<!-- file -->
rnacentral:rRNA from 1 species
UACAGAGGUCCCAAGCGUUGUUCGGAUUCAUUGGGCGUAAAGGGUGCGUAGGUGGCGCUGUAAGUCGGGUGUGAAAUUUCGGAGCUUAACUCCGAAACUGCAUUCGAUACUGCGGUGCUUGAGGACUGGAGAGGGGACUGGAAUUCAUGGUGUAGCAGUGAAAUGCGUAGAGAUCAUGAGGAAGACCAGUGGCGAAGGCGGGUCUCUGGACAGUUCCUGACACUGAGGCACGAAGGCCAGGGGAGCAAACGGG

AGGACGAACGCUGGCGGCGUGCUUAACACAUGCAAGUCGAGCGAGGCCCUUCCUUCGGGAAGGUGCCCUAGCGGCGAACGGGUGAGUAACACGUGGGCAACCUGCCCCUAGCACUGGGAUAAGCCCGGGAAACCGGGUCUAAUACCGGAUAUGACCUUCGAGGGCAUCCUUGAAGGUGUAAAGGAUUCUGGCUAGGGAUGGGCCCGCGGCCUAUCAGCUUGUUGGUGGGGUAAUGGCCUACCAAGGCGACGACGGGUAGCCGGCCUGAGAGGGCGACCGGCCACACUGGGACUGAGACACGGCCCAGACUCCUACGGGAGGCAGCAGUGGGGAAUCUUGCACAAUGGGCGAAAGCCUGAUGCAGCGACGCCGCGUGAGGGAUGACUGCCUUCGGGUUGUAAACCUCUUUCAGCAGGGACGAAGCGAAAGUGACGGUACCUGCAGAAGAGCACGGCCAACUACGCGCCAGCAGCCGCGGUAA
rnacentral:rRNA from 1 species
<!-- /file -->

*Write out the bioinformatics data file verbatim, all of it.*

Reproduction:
rnacentral:rRNA from 1 species
UACAGAGGUCCCAAGCGUUGUUCGGAUUCAUUGGGCGUAAAGGGUGCGUAGGUGGCGCUGUAAGUCGGGUGUGAAAUUUCGGAGCUUAACUCCGAAACUGCAUUCGAUACUGCGGUGCUUGAGGACUGGAGAGGGGACUGGAAUUCAUGGUGUAGCAGUGAAAUGCGUAGAGAUCAUGAGGAAGACCAGUGGCGAAGGCGGGUCUCUGGACAGUUCCUGACACUGAGGCACGAAGGCCAGGGGAGCAAACGGG

AGGACGAACGCUGGCGGCGUGCUUAACACAUGCAAGUCGAGCGAGGCCCUUCCUUCGGGAAGGUGCCCUAGCGGCGAACGGGUGAGUAACACGUGGGCAACCUGCCCCUAGCACUGGGAUAAGCCCGGGAAACCGGGUCUAAUACCGGAUAUGACCUUCGAGGGCAUCCUUGAAGGUGUAAAGGAUUCUGGCUAGGGAUGGGCCCGCGGCCUAUCAGCUUGUUGGUGGGGUAAUGGCCUACCAAGGCGACGACGGGUAGCCGGCCUGAGAGGGCGACCGGCCACACUGGGACUGAGACACGGCCCAGACUCCUACGGGAGGCAGCAGUGGGGAAUCUUGCACAAUGGGCGAAAGCCUGAUGCAGCGACGCCGCGUGAGGGAUGACUGCCUUCGGGUUGUAAACCUCUUUCAGCAGGGACGAAGCGAAAGUGACGGUACCUGCAGAAGAGCACGGCCAACUACGCGCCAGCAGCCGCGGUAA
rnacentral:rRNA from 1 species